Denver, Colo., Jun 12, 2018 / 12:39 pm (CNA/EWTN News).- Hundreds of people attended at a rally outside Masterpiece Cakeshop last week, showing support for a U.S. Supreme Court decision that upheld the religious freedom of the shop’s owner.
“This is a really good, solid ruling. They overturned everything the Civil Rights Commission accused us of, and it’s a good ruling for religious liberty,” shop owner Jack Phillips told CNA.
A devout Christian, Phillips declined to bake a cake for a same-sex wedding in 2012. He said that while he is happy to serve gay customers, he cannot support gay marriage, due to his faith. Phillips has also declined to create cakes for other themes he finds objectionable – including bachelor parties, divorce celebrations, and Halloween.
The Colorado Civil Rights Commission ordered Phillips to change his company policies and undergo anti-discrimination training.
On June 4, however, the U.S. Supreme Court ruled 7-2 in favor of Phillips. The court determined that the Civil Rights Commission had shown “elements of a clear and impermissible hostility” toward Phillips’ religious beliefs.
A line of people wrapped around the block of Masterpiece Cakeshop in Littleton, Colorado on June 8 to show their support for Phillips. They purchased cookies and cakes, and a rally was held in parking lot, where a few speakers gave a short address.
“I serve all who walk through my doors, people from all walks of life. I’ve spent many years honing my craft as a cake artist, combining baking with my love of sculpting, painting, and sketching. And I love my work because a cake is a canvas on which I express ideas, celebrate events, and bring joy to people’s lives,” said Phillips at the rally.
“The Court’s decision makes clear that tolerance is a two-way street. If we want to have freedom for ourselves, we have to extend it to others with whom we disagree about important issues like the meaning of marriage.”
Carrying signs bearing slogans such as “Stand up for religious freedom” and “Love free speech,” supporters drove from all over the state to show their support for religious liberty. A small group of counter protesters also showed up on Friday, but both parties were respectful.
One supporter, Wendy Smith, told CNA that she and her husband drove up from Colorado Springs for the rally, because they were “very thankful for Jack and we do want to stand behind him because he has been an example for all of us.”
She also expressed hope for more opportunities to “sit down and talk to [the opposition] and find common ground, and just be respectful, even in the midst of disagreeing.”
Justin Wright of Loveland, Colo., said he came to endorse the court’s decision as well.
“I pretty much came to support him because, as a gay person, I feel like for a large portion of us the left speaks for us, which isn’t the truth. Honestly, religious freedom is just as important to everybody in this country…Just because [the gay community has] rights doesn’t mean they trump [Phillips’] rights at the end of the day.”
Phillips said he has received an outpouring of positive support since the case began. People have sent encouraging emails and have stopped by the shop offering their prayers.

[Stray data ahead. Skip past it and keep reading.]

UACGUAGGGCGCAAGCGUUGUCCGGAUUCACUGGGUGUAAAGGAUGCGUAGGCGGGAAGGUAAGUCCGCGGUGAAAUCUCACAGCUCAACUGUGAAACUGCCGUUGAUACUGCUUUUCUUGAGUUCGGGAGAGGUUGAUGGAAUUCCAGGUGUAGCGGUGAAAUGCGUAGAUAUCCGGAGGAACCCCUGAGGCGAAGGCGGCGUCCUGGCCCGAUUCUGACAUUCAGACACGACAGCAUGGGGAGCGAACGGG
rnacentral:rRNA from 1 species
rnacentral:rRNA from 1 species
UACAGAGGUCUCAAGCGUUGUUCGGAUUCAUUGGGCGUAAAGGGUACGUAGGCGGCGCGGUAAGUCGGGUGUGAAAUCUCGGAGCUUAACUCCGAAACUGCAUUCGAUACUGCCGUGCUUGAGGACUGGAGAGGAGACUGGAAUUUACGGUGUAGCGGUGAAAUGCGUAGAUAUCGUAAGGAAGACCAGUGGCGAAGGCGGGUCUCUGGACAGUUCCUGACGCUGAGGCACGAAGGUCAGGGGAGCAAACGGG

However, Phillips and his family have also received threats and cruel messages throughout the judicial process, he said, noting there was a time when his wife had been nervous about coming to the shop.
“We started getting hate mail, emails that were really vicious and vulgar, and phone calls, death threats,” he said. “We are still getting phone calls and emails that are blatantly violent and they are awful, but then you can look around and you can see that we have received a lot of support.”
Despite the negative response, Phillips stressed that the two men whose inquiry about the cake had led to the court case would be welcome in his shop any day.
“I serve everybody who comes into my shop… but we don’t create every cake for every message people ask me for,” he said.
When asked further about this distinction, Jeremy Tedesco, senior counsel with Alliance Defending Freedom, which represented Phillips, said it is a question of the cake’s message rather than the customer.
“It’s the difference of the what vs the who. For Jack, it is only the what that matters – what are you asking me to create? I think our society will benefit if we accept that distinction.”
Tedesco noted that the Colorado Civil Rights Commission had told other bakeries that they have the right to refuse to craft a cake with an anti-gay marriage message. These same rights should be extended to Phillips, he said.
“We just have to extend that same tolerance and respect to people like Jack,” he said. “I think the most important thing is this decision underscores the need for tolerance and respect, and the fact that people who believe – like Jack does – that marriage is between a man and a woman are good and decent and honorable people who belong in our society.”
Tedesco voiced hope that this ruling will lead to a positive outcome in other similar cases and restore a sense of respectful dialogue in the public sphere.
He noted that the Supreme Court, in its ruling, emphasized “that we need to extend tolerance and respect to people who disagree with us, especially those we disagree with most vehemently.”
“It is just an essential aspect to what makes our society great, and I don’t want to see us lose it,” he said.